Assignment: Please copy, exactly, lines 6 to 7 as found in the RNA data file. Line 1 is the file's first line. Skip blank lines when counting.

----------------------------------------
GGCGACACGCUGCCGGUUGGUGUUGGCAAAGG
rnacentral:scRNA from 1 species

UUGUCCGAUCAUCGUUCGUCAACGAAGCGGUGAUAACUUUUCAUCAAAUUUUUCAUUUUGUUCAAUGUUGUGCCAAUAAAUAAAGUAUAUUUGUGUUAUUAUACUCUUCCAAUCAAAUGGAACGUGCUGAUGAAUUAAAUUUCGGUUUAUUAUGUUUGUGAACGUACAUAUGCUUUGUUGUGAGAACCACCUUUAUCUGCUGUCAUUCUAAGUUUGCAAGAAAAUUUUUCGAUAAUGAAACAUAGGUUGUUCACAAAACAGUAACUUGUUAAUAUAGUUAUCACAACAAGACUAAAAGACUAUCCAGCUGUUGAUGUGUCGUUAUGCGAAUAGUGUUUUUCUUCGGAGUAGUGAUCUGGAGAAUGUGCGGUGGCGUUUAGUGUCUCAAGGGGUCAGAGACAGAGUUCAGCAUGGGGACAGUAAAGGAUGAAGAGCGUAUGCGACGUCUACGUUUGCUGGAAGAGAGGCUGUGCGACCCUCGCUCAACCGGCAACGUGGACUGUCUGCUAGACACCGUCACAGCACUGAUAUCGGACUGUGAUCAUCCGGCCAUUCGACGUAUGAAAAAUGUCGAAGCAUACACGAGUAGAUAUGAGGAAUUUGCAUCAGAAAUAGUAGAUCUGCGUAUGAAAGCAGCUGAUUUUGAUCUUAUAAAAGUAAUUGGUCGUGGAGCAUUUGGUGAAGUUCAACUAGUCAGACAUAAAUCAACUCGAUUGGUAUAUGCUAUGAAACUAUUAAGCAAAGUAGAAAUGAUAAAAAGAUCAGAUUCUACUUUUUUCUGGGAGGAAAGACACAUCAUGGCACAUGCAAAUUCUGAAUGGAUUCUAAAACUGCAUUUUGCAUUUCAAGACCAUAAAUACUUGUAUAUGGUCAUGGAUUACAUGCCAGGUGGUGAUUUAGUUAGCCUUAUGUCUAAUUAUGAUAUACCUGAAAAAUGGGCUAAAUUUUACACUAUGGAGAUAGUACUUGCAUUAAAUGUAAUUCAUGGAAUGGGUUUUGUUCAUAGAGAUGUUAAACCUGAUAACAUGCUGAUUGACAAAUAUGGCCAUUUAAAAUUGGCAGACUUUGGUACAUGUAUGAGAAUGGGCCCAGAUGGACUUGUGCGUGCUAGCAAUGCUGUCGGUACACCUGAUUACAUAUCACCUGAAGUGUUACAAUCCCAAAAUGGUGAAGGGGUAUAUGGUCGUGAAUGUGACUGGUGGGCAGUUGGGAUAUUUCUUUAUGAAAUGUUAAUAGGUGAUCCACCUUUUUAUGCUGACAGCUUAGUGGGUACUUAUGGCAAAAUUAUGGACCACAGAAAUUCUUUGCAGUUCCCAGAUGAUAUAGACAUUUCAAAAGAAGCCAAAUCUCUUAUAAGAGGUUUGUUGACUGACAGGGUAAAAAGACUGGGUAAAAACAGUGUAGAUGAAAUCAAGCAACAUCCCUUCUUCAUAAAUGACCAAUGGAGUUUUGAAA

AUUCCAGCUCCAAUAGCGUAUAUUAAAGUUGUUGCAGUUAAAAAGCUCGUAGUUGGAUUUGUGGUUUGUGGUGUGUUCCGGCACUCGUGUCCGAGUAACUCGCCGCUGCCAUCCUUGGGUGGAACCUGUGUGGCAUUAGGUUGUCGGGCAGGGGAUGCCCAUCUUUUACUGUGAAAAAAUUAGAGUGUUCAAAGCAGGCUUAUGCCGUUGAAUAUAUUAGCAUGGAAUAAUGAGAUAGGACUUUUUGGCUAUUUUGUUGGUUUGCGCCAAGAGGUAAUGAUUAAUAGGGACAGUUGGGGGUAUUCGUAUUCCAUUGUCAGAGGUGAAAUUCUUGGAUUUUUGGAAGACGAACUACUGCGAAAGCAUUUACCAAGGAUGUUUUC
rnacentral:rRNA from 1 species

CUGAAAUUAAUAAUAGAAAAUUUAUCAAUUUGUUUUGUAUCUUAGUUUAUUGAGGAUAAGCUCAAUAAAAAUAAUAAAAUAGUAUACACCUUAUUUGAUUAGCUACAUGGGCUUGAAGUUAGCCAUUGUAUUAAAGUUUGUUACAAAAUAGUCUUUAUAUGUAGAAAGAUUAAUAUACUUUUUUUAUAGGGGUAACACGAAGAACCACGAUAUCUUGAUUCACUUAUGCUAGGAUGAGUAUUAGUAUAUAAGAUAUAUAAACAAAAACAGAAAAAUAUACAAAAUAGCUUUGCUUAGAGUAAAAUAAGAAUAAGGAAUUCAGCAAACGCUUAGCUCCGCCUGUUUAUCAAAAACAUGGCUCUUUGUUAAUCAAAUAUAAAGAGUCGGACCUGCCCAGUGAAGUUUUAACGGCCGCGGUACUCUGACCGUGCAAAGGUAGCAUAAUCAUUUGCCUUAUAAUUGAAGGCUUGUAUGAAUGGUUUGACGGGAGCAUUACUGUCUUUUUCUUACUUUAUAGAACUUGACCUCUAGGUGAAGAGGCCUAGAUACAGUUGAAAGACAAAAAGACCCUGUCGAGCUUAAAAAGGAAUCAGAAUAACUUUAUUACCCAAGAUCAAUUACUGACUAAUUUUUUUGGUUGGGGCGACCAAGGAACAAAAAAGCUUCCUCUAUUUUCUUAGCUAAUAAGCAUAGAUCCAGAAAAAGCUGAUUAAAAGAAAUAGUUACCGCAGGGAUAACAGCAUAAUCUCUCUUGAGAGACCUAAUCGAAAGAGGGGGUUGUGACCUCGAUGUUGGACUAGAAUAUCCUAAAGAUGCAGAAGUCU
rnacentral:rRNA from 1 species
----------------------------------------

CUGAAAUUAAUAAUAGAAAAUUUAUCAAUUUGUUUUGUAUCUUAGUUUAUUGAGGAUAAGCUCAAUAAAAAUAAUAAAAUAGUAUACACCUUAUUUGAUUAGCUACAUGGGCUUGAAGUUAGCCAUUGUAUUAAAGUUUGUUACAAAAUAGUCUUUAUAUGUAGAAAGAUUAAUAUACUUUUUUUAUAGGGGUAACACGAAGAACCACGAUAUCUUGAUUCACUUAUGCUAGGAUGAGUAUUAGUAUAUAAGAUAUAUAAACAAAAACAGAAAAAUAUACAAAAUAGCUUUGCUUAGAGUAAAAUAAGAAUAAGGAAUUCAGCAAACGCUUAGCUCCGCCUGUUUAUCAAAAACAUGGCUCUUUGUUAAUCAAAUAUAAAGAGUCGGACCUGCCCAGUGAAGUUUUAACGGCCGCGGUACUCUGACCGUGCAAAGGUAGCAUAAUCAUUUGCCUUAUAAUUGAAGGCUUGUAUGAAUGGUUUGACGGGAGCAUUACUGUCUUUUUCUUACUUUAUAGAACUUGACCUCUAGGUGAAGAGGCCUAGAUACAGUUGAAAGACAAAAAGACCCUGUCGAGCUUAAAAAGGAAUCAGAAUAACUUUAUUACCCAAGAUCAAUUACUGACUAAUUUUUUUGGUUGGGGCGACCAAGGAACAAAAAAGCUUCCUCUAUUUUCUUAGCUAAUAAGCAUAGAUCCAGAAAAAGCUGAUUAAAAGAAAUAGUUACCGCAGGGAUAACAGCAUAAUCUCUCUUGAGAGACCUAAUCGAAAGAGGGGGUUGUGACCUCGAUGUUGGACUAGAAUAUCCUAAAGAUGCAGAAGUCU
rnacentral:rRNA from 1 species